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24-hour Improvathon worth the all-nighter

Published: April 27, 2012
Section: Arts, Etc.


Working at Chum’s, one gets to see a lot of shows, plays, performed poems, stand-up routines and bands of all stripes. Once, a band I saw on shift had packed the entire house and proceeded with some of the worst metallic rubbish I have ever heard, quickly emptying the place and greatly decreasing my workload for the night. I have received more than one musical tribute from our stage guest at the stroke of midnight, as it is a sort of cliche at Chums to salute those of us humbly standing behind the counter. But few events in my years working at the best job on campus compare to the annual Improvathon show, the 24-hour nonstop improvisation event held Saturday through Sunday.

I worked the most grave of graveyard shifts, from 4 to 9 a.m. The very first thing I was treated to, upon groggily entering, was the most loud and even more inappropriate song dedicated to my soon-to-be-graduate fellow Chumster. Sexually risque parody is perhaps the most enduring feature at Chez Cholmondeley, but I revised my hopes for this wee-hour entertainment on the basis of this welcome. I was not disappointed.

Improvathon’s only rule is that the stage must be occupied at all times. That and nothing can be pre-choreographed. My favorite part of all improv performances makes use of this challenge, inviting random, often lurid phrases from the audience. The ragtag group, counting the minutes until the sun came up Sunday morning, tackled make-believe romantic exploits with the likes of the Founding Fathers and Michael Jackson (harder than it sounds), and even recounted a rhetorical menage-a-trois with Winston Churchill.

The audience can make all the difference in these exchanges. The 5 a.m. slot of games, for example, made a member of the audience, which was of a dwindling number, feel like an equal cast member in a lively, irreverent production.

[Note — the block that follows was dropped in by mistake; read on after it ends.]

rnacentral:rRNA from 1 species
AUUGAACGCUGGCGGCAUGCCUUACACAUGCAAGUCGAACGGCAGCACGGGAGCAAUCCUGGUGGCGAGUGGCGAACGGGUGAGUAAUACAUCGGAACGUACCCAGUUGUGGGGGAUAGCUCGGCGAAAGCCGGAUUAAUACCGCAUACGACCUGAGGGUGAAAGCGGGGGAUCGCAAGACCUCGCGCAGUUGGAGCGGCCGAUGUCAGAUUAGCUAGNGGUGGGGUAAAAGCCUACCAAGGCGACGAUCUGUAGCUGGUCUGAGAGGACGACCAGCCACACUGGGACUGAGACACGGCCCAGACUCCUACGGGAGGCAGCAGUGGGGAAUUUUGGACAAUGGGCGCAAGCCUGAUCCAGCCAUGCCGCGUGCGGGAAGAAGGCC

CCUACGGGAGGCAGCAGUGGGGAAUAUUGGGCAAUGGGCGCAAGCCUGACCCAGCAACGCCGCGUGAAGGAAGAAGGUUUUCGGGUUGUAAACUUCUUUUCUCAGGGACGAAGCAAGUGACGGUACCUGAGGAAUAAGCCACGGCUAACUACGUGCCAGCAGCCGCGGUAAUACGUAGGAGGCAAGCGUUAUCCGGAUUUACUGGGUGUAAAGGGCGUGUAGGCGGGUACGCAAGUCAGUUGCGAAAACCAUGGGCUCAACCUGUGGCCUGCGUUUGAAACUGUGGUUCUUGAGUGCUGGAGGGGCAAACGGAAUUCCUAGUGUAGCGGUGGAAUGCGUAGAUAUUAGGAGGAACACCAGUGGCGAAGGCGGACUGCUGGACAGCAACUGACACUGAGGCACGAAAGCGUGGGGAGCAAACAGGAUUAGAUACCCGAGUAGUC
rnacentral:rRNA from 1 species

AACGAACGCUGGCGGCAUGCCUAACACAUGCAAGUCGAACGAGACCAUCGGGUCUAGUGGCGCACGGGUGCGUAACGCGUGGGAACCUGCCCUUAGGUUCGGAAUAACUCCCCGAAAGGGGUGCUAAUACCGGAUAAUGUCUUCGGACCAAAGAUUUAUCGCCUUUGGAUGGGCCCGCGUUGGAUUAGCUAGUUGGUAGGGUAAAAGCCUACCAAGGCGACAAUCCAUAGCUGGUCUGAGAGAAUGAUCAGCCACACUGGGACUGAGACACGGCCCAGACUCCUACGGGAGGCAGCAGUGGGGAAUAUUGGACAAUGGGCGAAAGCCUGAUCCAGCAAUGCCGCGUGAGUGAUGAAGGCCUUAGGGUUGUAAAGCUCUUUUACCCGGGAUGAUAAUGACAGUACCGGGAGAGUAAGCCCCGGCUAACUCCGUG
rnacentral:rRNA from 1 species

The marathon joke-makers could do a solo too, in what was perhaps the most difficult improv skit of the show: the hour-long non-stop exposition. There were no new ideas, no scene cuts—just an hour of the same straight idea that after 25 minutes you may regret suggesting to the somehow-still-smiling stagehands. Few groups can keep it funny after the first half-hour, and although it dragged at times earlier in the night, once the quick games returned, the show rebounded.

One-liners are what we remember most from Improvathon. Many cannot be printed in this newspaper. Perhaps one of the beauties of Improvathon is that this sunrise-shift reviewer may have had low standards on such little sleep. But there were at least several hours in which I was laughing out loud, even if it was only sleepily-hysterically or simply to avoid falling over.

I admit that I could not help from dozing for about 45 minutes on the worse-for-wear sofas in Chum’s, but the fact that when I awoke to a loud shouting of my name involved in the act on stage is a measure of Improvathon’s fun. Clearly now that I was the last audience member, I was to be the subject of some tribute, or more likely, the butt of jokes. But at least I resisted the urge to get on stage with them. It was hard work too, because when I woke up, after so brief an interlude, I had more than an hour and a half left of viewing, and that was only if I stayed for what I had to do.

I didn’t need to be paid to enjoy this show. Not only was this act after my forced power nap even funnier than the midnight, dark-outside acts, but I almost forget about the sun that had now completely risen.

Unlike me, the improvisers got more interesting the more tired they became, and after I could no longer suggest ideas for them, they did an excellent job merging the self-exposition with the quick, one-line games. We supplied them with props from the kitchen in Chum’s (always sterilized before and after, of course …) while they made some on their own.

The group with chief star David Getz ’15 made my maximum tolerable portion of Improvathon great fun. The fact that this group had been on hours before me and would go on all day only increased the pleasure and wonder of a viewer. When I left mid-morning on Sunday, I couldn’t believe that I’d been there more than six hours or that I still had the very unprintable tribute to Ynbal Landesman stuck in my head as I finally got to bed.